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Transformations - Joy Harjo

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Desiree Westphal

on 2 May 2014

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Transcript of Transformations - Joy Harjo

Harjo was born in 1951 and is a member of the Muscogee/Creek Nation.

She frequently incorporates Native American symbols, myths, and values into her writings. She also emphasizes the themes of transcendence and remembrance.

We can see Harjo's past influences in her literary style.
Joy Harjo
Nature plays a large role in this poem. As we see, each season comes with certain images that change on a consistent schedule. (Seasons) In contrast, life doesn't match-up from one experience to the next. It isn't consistent or certain. (Post-Modernism?) Instead, nature is the constant, which is a popular theme in Native American literature.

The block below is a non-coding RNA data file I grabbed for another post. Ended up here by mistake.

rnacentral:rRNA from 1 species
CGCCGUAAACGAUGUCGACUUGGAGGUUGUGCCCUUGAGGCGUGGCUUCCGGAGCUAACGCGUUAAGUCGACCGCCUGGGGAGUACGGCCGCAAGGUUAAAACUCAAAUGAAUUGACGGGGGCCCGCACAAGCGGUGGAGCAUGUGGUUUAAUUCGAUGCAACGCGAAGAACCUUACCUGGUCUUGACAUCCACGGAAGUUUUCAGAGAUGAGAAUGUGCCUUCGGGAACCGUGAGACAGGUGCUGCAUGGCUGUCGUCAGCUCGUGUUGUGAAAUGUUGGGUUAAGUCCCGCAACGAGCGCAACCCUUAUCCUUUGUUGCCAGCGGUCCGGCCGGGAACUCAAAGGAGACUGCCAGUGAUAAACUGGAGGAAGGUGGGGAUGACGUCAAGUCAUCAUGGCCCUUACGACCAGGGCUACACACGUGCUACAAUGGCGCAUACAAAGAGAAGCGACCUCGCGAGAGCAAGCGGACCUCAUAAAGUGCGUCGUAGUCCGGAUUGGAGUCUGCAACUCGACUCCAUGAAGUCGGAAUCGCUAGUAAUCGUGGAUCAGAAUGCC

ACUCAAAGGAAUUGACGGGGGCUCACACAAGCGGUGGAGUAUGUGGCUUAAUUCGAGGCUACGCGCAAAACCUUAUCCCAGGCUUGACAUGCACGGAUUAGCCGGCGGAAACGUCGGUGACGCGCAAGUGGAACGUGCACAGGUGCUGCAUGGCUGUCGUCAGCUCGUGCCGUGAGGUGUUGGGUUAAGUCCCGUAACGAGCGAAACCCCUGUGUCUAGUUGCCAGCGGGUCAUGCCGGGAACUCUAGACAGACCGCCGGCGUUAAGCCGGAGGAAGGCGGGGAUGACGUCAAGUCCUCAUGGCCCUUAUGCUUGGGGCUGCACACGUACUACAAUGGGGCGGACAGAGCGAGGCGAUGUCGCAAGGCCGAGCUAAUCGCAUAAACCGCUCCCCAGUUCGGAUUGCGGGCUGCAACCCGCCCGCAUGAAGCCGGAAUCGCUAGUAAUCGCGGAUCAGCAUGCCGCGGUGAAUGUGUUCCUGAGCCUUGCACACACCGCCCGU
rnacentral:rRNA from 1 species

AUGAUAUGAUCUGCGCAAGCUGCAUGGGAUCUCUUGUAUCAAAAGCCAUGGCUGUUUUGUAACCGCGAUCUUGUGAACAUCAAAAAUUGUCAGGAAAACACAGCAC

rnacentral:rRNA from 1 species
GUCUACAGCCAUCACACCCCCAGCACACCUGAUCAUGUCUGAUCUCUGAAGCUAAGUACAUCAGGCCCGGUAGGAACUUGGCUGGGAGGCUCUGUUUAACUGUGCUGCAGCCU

Questions? Review of Crib Sheet.

What does that mean to the author/reader?

Transformation embodies the least resistance to hatred, a coming to terms with those who would destroy her, a transition and transcendence.
A Poetic Analysis
Transformations - Joy Harjo
Literary Elements
Laughing Blackbird - a blackbird is a good omen, teaching others to use their voices to heal.

Other symbolism is seen with the ambulance. It sets the tone of city life, and represents pain and hurt.

"On the other side of the place where you live stands a dark woman. She has been trying to talk to you for years." (Indians to the white man??)

Changing things into something else (hatred) - reference to Whites trying to change Indian culture?

Why is there a split?
After Line 21, we see a split in the poem. There is a division between nature and city life.

Indian heritage focused on nature, but Native Americans were forced to assimilate to city life.

In this division readers see the Native American's hatred of the Whites.
Stylistic Elements
This poem is read as a prose/story. The pause and breaks put emphasis on certain ideas.

EX: First sentence,

-Highlights hatred in center of line, which sets the theme of the poem.
Full transcript